Monday, July 19, 2010

Fasting unto death while on saline

By Mandana Ismail Abeywickrema | The Sunday Leader

NFF Leader and Minister Wimal Weerawansa’s failed attempt to politically re-engineer his image as a firebrand politician through a fast unto death outside the UN Office in Colombo has had many adverse repercussions on the country as well as on domestic politics.

The comedy of errors staged by Weerawansa from July 6 to 9 was nothing short of entertaining, where for the first time, Sri Lankans were able to witness an individual on a fast unto death while being on a saline drip.

A closer look at the whole fast unto death saga reveals the political game behind Weerawansa’s exercise carried out for three days outside the UN Office in Colombo.

Weerawansa, who claimed that he would not budge an inch until Ban Ki-Moon withdrew the panel of experts on Sri Lanka, immediately sipped a glass of water offered to him by President Mahinda Rajapaksa and ended his ‘fast’ without even uttering a reason for his decision to call it off.
After Weerawansa ended his fast unto death on Saturday (10) at 4.30 p.m., until the following day, Sunday (11) none of the NFF spokespersons gave a reason to the media as to why the fast was ended.

On Sunday, NFF spokesperson Jayantha Samaraweera said that the fast was called off after the President had agreed to several conditions, which included the appointment of a committee to inquire into the allegations to be taken up by the UN panel of experts and for the Sri Lankan government not to cooperate with the UN panel.

It therefore seems, that Weerawansa’s fast unto death was in fact aimed against the President more than the UN Secretary General.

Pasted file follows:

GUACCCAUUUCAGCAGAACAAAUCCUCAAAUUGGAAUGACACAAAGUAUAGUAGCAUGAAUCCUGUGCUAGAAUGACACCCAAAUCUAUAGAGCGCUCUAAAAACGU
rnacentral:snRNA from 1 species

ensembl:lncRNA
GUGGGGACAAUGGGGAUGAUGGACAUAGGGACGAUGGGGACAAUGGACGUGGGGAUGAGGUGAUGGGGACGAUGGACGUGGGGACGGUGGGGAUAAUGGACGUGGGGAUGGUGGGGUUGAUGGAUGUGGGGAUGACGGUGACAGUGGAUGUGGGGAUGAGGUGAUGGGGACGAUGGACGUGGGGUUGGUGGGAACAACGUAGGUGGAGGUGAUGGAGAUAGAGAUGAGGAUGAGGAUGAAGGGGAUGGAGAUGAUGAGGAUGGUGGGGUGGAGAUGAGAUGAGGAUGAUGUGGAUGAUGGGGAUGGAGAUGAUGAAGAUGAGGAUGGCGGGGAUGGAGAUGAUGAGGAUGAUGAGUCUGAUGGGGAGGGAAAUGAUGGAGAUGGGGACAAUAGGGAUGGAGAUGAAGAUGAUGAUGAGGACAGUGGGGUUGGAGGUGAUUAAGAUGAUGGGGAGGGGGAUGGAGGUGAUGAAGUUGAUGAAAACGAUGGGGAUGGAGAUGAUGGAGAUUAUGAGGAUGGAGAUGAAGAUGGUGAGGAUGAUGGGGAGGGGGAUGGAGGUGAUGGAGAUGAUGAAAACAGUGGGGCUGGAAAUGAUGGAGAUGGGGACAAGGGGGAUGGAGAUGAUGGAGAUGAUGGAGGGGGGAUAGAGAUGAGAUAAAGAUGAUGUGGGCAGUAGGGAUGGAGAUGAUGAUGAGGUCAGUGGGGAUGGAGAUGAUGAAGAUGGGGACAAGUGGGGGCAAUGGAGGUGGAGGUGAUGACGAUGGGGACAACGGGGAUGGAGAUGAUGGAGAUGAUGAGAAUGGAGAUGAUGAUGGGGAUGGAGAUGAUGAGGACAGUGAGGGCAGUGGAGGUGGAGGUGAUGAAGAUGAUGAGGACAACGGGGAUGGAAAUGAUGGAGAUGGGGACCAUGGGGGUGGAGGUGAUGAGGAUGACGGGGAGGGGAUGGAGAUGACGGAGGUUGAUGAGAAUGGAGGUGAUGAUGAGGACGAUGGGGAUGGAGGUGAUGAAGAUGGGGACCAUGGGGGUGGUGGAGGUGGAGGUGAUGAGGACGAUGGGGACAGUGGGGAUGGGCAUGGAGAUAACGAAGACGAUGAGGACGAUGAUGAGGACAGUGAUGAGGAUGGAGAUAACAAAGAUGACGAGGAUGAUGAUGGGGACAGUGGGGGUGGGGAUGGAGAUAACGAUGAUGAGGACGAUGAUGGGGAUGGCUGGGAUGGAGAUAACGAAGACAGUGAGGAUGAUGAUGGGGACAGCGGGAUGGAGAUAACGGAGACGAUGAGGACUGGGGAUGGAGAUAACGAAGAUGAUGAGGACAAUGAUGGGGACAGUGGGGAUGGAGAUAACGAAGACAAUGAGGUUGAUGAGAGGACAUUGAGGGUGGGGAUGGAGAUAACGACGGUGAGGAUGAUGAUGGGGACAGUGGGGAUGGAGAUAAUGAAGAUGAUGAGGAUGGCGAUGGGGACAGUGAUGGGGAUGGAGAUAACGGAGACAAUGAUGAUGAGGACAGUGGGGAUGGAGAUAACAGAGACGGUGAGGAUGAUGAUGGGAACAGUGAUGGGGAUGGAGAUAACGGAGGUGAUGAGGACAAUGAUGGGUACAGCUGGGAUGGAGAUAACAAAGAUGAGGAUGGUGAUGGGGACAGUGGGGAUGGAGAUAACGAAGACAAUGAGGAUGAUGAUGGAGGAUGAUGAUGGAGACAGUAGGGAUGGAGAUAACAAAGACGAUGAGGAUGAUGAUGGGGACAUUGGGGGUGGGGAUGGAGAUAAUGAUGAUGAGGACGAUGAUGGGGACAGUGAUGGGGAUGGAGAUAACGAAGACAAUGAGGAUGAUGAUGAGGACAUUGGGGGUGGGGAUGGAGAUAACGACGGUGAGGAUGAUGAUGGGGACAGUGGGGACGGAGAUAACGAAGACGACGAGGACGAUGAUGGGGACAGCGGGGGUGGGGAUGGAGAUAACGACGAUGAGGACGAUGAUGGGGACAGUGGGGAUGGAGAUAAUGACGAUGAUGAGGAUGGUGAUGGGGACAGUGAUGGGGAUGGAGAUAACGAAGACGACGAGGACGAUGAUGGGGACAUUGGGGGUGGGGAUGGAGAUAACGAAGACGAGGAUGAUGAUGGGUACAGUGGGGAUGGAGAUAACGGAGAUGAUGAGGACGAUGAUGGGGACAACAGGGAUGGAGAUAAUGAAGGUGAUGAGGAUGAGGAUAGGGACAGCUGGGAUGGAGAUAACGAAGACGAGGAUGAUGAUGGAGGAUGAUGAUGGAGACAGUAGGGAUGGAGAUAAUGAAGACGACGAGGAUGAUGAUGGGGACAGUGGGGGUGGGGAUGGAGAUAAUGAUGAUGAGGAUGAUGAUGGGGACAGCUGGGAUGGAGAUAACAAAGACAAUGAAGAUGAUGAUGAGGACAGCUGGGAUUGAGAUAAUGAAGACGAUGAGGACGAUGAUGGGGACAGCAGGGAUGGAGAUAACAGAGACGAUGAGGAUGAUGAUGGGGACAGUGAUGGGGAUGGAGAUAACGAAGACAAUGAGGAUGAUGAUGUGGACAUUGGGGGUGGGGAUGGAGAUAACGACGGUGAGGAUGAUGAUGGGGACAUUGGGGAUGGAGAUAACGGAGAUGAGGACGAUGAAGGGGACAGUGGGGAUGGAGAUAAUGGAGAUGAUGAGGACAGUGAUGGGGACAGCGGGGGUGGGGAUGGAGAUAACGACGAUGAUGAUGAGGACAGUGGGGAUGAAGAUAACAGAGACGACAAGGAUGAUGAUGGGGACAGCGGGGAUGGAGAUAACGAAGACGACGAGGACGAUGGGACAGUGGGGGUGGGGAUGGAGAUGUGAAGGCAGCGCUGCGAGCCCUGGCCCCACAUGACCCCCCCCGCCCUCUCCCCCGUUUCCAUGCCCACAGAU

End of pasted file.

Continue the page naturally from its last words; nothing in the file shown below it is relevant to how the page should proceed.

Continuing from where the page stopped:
Realising the disaster in the making, the NFF then resorted to claim that the life of their leader was at risk due to his continuous fast for three days. They claimed that doctors have said Weerawansa’s kidneys were badly affected due to the non-consumption of water.

A medical expert when questioned by The Sunday Leader said that a saline drip is generally administered to provide sustenance to a person who does not consume food or water.

He explained that the normal saline that contains water and sodium chloride along with 5% of dextrose (a form of glucose) and when administered to any individual, that person does not need to consume food or water, as the substances required for physical sustenance are provided medically.
When asked about the case of Weerawansa’s ‘fast unto death’ while on a saline drip, the doctor said there was no need for him to consume either food or water as he was on the saline drip.

“A person could wait close to seven days without consuming water and an even further period without food,” he said.

He added that not eating food for two days would not have a severe impact on a person’s kidneys, especially when a saline drip has been administered to the person.

According to the doctor, in order to determine for certain if there indeed was a problem in the kidneys’ filtering system, a serum electrolyte and a serum creatinin test could have been performed on Weerawansa. Meanwhile, doubts have also been raised about Dr. Sisira Siribaddhana’s involvement in the fast unto death, especially given the fact that he is one of Weerawansa’s close confidants.

A former supporter of the JVP, Dr. Siribaddhana had also changed his loyalties with Weerawansa’s defection from the JVP.

It is Dr. Siribaddhana, who initially claimed that Weerawansa’s kidneys were affected due to the non-consumption of water.

Several opposition politicians who called Weerawansa’s actions a bluff said that Weerawansa had single-handedly managed to stop any possible protests that could have been organised against the panel of experts on Sri Lanka appointed UN Secretary General Ban Ki-Moon.

A senior politician from Weerawansa’s former party, the JVP, said that while a fast unto death is a protest campaign resorted to as a final option, Weerawansa’s fool hardy action of carrying out such a campaign at the outset of the protest against the expert panel has ruined any possibility of carrying out a future protest against the issue.

“A fast unto death is the last protest campaign to be launched under any circumstance, but Weerawansa resorted to it in the first protest itself. No, there is nothing that can be done. No protest, march or rally could match it now,” he said. According to him, the only other option would be to get about 10 individuals to commence a fast unto death – if any one is to consider the matter seriously.

© The Sunday Leader

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